Building on a recent call for white churches to support reparations, Rev. Kevin Peterson Wednesday called for Boston area white church leaders to form an informal advocacy coalition and draft an atonement statement that collectively acknowledges and apologizes for the churches’ roles in propagating the institution of slavery.

The suggestion came as part of a meeting of about three dozen, mostly white clergy and nonprofit leaders at Old South Church.

“Part of my vision has been about a statement of atonement from this part of our community and this part of our city’s culture,” said Peterson, founder of the New Democracy Coalition and organizer of the Boston People’s Reparation Commission.

Peterson said he would also like to publicly release how white churches are funding reparative work.

“We believe that that amount is up to $50 million,” he said in an interview, pointing to preliminary discussions with church leaders. “We want to articulate to the public what those churches are up to.”

Peterson said the connection between white churches and reparations is logical given the institutions’ historic nature and likely ties to the transatlantic slave trade.

The meeting comes as the city of Boston explores the issue through its Reparations Task Force, established last February. Peterson's work is separate from that of the city's official task force.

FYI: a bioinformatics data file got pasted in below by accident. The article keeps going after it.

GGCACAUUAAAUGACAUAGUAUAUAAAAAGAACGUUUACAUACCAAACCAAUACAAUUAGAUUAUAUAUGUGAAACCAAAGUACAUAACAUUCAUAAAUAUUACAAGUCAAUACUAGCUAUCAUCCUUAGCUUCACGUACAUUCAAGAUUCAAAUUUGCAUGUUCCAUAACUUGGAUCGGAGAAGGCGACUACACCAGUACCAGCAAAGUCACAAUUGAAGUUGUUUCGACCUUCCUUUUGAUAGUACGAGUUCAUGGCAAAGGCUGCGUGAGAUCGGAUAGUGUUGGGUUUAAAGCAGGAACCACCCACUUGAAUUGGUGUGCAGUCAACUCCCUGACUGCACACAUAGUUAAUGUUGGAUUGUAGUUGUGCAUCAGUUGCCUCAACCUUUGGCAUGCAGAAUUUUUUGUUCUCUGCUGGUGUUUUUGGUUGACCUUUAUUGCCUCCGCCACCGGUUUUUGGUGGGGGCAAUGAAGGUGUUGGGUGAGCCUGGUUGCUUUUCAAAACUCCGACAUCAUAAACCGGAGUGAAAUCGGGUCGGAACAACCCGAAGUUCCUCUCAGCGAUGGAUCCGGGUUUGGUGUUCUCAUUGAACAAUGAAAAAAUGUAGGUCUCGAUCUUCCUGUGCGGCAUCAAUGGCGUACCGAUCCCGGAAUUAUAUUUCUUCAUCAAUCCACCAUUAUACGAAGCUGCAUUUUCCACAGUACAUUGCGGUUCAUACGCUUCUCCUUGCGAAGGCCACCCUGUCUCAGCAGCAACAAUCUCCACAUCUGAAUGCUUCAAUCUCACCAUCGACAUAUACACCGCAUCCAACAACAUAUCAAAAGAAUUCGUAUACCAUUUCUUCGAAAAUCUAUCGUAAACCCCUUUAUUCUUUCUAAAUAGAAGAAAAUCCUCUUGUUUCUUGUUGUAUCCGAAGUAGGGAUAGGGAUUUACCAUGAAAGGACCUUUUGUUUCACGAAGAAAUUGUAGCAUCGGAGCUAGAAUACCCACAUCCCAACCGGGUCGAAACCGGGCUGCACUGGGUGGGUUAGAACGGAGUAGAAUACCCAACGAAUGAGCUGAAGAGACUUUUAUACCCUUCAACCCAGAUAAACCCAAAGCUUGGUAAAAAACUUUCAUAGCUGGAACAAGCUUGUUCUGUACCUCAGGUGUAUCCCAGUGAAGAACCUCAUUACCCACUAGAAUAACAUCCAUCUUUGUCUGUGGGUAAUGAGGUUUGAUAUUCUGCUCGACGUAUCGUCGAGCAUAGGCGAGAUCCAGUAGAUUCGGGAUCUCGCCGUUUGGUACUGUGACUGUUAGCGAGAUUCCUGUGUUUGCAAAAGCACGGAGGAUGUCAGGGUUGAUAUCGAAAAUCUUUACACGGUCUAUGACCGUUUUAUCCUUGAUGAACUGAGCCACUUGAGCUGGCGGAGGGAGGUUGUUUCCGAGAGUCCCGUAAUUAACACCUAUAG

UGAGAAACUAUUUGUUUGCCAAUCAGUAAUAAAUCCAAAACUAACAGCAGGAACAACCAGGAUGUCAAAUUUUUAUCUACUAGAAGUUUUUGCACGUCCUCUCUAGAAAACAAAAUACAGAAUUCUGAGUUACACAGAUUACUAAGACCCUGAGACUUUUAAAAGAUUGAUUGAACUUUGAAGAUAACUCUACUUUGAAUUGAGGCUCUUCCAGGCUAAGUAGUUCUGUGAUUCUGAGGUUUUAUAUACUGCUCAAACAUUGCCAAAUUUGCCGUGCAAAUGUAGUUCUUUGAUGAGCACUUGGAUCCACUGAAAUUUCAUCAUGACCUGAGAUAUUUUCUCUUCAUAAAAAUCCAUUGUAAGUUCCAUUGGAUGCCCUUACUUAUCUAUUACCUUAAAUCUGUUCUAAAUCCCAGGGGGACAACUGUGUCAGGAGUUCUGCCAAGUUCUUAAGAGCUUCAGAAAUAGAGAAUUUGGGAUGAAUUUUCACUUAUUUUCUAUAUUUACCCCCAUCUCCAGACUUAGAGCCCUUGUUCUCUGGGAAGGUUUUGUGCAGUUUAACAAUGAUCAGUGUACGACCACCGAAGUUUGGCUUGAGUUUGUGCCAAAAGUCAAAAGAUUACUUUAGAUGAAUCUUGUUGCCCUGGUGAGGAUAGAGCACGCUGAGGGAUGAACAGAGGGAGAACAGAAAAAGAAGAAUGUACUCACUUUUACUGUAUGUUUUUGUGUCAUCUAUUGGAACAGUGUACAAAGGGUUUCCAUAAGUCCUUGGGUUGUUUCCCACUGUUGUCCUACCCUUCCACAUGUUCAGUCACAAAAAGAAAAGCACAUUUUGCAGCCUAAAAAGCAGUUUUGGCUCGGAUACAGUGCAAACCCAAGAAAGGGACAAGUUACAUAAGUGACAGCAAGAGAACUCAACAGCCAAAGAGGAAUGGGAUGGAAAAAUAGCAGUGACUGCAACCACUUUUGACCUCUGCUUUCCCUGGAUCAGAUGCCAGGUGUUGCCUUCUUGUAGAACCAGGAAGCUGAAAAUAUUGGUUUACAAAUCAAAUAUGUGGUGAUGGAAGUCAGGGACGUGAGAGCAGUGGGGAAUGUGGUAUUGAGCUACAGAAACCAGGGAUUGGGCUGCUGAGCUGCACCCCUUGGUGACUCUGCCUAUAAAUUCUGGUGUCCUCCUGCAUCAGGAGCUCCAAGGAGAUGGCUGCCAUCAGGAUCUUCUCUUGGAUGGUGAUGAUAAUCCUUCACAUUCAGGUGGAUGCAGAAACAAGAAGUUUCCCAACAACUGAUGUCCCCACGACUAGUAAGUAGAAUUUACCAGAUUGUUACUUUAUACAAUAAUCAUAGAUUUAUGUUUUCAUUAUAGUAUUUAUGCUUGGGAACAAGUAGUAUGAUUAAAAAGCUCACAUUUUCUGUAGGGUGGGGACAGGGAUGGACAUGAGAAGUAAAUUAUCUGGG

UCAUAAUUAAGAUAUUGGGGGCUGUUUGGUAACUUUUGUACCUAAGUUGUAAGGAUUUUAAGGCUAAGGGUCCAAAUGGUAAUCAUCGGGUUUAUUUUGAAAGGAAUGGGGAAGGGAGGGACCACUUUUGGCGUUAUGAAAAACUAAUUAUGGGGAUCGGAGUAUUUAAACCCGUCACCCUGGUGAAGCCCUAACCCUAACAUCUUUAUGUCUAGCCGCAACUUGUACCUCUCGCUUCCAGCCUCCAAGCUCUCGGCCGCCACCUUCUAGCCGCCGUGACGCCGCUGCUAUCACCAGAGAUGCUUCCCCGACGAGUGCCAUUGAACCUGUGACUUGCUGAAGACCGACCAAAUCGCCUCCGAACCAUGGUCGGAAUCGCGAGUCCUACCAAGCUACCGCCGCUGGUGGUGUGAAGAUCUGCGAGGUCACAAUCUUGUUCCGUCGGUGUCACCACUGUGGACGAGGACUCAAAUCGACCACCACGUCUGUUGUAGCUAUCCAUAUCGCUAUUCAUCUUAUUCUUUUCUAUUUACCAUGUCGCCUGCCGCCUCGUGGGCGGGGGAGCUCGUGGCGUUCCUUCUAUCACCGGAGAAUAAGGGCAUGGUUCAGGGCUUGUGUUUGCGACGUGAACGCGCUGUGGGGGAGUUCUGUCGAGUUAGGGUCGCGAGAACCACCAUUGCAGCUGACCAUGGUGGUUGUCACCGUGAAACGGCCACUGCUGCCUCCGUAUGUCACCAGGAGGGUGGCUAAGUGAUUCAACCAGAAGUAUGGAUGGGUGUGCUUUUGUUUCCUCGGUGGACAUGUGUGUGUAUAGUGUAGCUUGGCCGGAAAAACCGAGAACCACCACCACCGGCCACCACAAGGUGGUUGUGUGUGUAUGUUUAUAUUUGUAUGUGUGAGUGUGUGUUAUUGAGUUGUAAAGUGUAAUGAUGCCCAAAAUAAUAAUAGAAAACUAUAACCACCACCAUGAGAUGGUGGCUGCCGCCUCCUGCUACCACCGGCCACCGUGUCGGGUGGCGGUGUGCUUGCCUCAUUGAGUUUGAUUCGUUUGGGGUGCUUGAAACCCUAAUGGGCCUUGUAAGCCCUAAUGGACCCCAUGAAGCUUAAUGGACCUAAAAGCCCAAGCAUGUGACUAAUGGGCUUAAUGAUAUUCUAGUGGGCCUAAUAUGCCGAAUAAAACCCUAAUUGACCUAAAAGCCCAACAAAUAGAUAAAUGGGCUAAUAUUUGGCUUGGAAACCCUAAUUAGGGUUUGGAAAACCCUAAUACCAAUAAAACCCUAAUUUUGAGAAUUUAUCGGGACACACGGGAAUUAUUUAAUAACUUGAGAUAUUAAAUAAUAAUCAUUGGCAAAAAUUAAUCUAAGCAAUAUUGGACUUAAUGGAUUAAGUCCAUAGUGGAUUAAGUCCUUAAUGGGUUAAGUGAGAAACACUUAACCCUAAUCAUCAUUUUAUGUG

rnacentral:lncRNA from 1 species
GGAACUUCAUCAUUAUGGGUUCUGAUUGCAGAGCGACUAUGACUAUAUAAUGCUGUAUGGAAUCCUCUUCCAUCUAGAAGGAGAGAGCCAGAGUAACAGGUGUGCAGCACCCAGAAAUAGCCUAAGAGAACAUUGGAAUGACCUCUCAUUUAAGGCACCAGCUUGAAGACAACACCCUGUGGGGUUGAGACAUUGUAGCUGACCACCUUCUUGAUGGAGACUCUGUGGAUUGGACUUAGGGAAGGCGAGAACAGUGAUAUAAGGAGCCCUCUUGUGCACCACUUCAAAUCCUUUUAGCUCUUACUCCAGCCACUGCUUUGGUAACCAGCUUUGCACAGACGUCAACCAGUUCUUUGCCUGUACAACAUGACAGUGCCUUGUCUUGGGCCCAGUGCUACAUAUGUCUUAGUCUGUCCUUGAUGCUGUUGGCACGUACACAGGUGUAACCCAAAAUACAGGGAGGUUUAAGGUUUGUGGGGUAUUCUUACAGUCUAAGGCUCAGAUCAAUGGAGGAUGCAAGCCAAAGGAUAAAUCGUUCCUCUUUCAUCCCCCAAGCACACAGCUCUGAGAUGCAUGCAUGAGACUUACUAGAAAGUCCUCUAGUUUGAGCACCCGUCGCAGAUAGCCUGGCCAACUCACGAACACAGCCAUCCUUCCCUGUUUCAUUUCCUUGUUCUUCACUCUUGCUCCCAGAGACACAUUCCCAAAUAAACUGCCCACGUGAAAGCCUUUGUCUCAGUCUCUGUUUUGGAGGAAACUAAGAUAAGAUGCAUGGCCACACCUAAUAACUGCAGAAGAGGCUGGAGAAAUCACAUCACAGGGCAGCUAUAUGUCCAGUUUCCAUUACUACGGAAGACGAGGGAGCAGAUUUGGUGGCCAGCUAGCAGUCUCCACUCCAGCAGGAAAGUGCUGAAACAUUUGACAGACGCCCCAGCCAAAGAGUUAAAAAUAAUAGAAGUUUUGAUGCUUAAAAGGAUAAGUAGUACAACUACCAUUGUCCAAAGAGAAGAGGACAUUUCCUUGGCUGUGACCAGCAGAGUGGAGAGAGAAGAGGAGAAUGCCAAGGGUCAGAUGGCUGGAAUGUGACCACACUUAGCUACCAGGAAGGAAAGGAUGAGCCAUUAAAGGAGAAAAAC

Several Boston churches have made public efforts to acknowledge their role in helping to preserve, or outright engage in the bondage and selling of Black people.

Peterson and his Black-led reparations advocacy group, the Boston People’s Reparation Commission, recently called on white churches to publicly advocate and provide financial support for reparations for Black Bostonians.

Peterson told GBH News that call led to a flood of angry emails from reparations opponents. The New Democracy Coalition website, Peterson said, was also hacked along with his email and that of a close colleague.

The Boston People’s Reparations Commission has demanded the City of Boston pay $15 billion in reparations to Black people. The group is scheduled to hold a public meeting at the Bruce C. Bolling Building in Roxbury on Saturday, May 18.